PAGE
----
Jacob Thomas Jr. & Guthrie Brown and the Family Tree
Acme Feed & Seed; Nashville, TN
November 4, 2014
Well, hopefully you didn’t think for a second that we’d stop doing our weekly showcase with Acme Feed & Seed, but, if you did, have no fear! It is still going strong into November, and this past Tuesday’s show was another hit. Local, via Lafayette, LA, Jacob Thomas Jr. brought the rock ’n’ roll with his impressive backing band, and local, via Montana, Guthrie Brown and the Family Tree opened it up with some fun pop folk. Altogether it was another great night of music from No Country Presents, but, judging by the turn out, you might have missed it.
Lucky for you, we have a recap of it all after the jump, and we also have some amazing photos from staff photographer Brian Hill. On a night when there was no shortage of great shows, we were sorry we didn’t see more familiar faces, but it’s OK, because you can join us every Tuesday, going forward, at Acme Feed & Seed for future installments of No Country Presents.
With CMA awards week in full swing, I was surprised there wasn’t more traffic on my rain soaked trek downtown. There was also a crazy number of great shows (The New Pornographers, Death From Above 1979 to name a few) going on at the same time that night, so I really wasn’t sure what to expect. One thing was certain; the only parking available would be quite a hike from 1st and Broadway.
Once I’d made it to Acme, I had a few seconds to say hello to the crew and my photographer, and then it was time for the music to start at eight sharp. The crowd was as large as I’d ever seen it for our showcase, a combination of Acme’s usual dinner rush, and no doubt double the foot traffic on Broadway for CMA awards, even with the rain.
Fresh-faced and young, Guthrie Brown and his band, the Family Tree bopped about on stage from the start, bringing high energy, and happy vibes. Bubblier than the tunes to come later. He had an excellent pedal steel guitar player in the band that had me hooked from the jump. Pop folk with wonderful vocal harmonies … pretty songs, from pretty people. At times they flirted with country sounds, but the twang really wasn’t there. They closed with my favorite song of their set. “Summer Time”, which I recommend you down load immediately.
After they’d finished up, the crowd had thinned dramatically, as patrons rushed to close out their checks and get on with their Broadway/CMA award week experiences. It was a bummer to watch, because I knew that the fellah playing next was well worth sticking around for.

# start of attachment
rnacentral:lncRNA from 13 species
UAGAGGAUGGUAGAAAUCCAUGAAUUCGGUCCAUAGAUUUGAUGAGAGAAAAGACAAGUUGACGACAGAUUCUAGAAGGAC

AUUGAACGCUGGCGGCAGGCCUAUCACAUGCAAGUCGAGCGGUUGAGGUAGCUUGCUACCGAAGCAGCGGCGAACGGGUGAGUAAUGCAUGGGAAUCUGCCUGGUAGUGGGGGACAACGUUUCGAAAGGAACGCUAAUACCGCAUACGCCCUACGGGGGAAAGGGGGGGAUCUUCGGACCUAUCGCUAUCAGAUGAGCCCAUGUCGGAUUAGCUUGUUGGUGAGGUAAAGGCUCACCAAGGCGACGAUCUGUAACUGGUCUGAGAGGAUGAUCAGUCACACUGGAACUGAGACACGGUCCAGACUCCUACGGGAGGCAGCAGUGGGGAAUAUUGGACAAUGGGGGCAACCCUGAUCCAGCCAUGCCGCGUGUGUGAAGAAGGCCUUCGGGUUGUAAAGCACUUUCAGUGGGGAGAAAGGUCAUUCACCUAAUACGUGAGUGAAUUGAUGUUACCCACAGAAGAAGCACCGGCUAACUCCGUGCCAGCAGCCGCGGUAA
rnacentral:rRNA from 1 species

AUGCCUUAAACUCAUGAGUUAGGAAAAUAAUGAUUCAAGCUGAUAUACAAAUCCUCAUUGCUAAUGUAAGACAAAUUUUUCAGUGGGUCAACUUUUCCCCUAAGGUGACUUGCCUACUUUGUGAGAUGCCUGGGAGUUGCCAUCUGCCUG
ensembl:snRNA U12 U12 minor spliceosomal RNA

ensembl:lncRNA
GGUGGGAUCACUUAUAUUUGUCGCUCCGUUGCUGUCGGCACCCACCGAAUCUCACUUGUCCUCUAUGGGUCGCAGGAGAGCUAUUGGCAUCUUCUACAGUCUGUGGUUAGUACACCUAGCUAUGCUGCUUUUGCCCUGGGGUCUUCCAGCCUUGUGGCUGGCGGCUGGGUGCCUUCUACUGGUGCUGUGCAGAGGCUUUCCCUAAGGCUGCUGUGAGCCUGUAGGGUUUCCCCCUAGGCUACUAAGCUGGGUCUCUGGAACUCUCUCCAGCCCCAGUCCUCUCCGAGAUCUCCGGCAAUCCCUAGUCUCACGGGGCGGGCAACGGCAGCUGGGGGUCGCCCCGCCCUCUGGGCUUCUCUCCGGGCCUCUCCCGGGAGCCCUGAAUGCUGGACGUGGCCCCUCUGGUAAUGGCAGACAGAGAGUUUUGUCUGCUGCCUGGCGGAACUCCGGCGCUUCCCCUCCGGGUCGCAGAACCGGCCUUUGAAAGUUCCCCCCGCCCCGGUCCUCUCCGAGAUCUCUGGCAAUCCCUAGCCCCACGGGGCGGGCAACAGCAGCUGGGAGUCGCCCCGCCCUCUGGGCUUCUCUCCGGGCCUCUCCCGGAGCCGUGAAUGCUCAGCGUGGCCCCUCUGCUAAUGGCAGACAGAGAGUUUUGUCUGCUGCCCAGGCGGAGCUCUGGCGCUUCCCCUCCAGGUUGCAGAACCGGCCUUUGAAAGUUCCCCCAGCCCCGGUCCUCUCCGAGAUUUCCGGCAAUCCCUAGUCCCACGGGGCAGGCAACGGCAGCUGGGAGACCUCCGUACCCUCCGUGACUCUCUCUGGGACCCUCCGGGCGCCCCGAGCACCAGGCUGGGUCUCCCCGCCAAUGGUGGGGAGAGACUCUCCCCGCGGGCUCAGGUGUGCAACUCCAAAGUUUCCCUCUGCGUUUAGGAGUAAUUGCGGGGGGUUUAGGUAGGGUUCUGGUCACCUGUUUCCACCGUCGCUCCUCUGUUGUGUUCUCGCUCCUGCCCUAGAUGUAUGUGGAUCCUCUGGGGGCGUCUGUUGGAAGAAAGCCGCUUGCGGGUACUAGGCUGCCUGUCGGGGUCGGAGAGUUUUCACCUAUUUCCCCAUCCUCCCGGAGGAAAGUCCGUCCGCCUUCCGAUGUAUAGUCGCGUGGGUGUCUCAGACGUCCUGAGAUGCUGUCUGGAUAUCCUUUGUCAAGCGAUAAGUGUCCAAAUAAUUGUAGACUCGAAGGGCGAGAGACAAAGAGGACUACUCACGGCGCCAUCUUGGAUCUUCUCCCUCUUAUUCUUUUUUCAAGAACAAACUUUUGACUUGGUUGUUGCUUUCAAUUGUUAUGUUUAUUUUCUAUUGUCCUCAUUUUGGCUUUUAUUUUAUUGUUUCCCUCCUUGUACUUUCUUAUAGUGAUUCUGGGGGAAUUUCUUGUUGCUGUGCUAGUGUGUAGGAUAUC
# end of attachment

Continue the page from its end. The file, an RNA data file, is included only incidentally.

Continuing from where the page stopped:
Opting to start his set solo, Jacob Thomas Jr. came out looking like a rock star. Tall and slender with the hat and long locks; he fit the part. His beautiful red Epiphone hollow body guitar glistened in the light, but it was mostly for naught, because the somber, quit nature of his first couple songs didn’t seem to draw in the dozen or so people still there. Later he told me he had never even been to Acme before, so he had two game plans for the night, based on how the crowd reacted. It was time for plan B.
He brought his band on stage a few players at a time, but when it was five men strong they were a sight to behold. Full on rock ’n’ roll, with a dark, slightly jaded lyrical content. Think a more country fried version of Ryan Adams in his Cardinals phase. Jacob and his homies had the chops to warm up what little crowd was still gathered, and they even brought a few stragglers in off the street with their awesome loudness. His pedal steel player rivaled Guthrie’s, and I was eating it up. Their Cranberries cover of “Dreams” was pretty epic, but I liked his closing song even better.
“I’ll be placing all my bets,” he sang. “On the red hot glow of electric sex.”
What’s not to like? So next time you’re looking to kill a Tuesday night, come join us for our weekly showcase at Acme. We’ve already got a new lineup ready to go for next week, which you can read all about here, so bring a date, a friend, your fam, whoever! Great food and some great, FREE local music. Hope to see you there!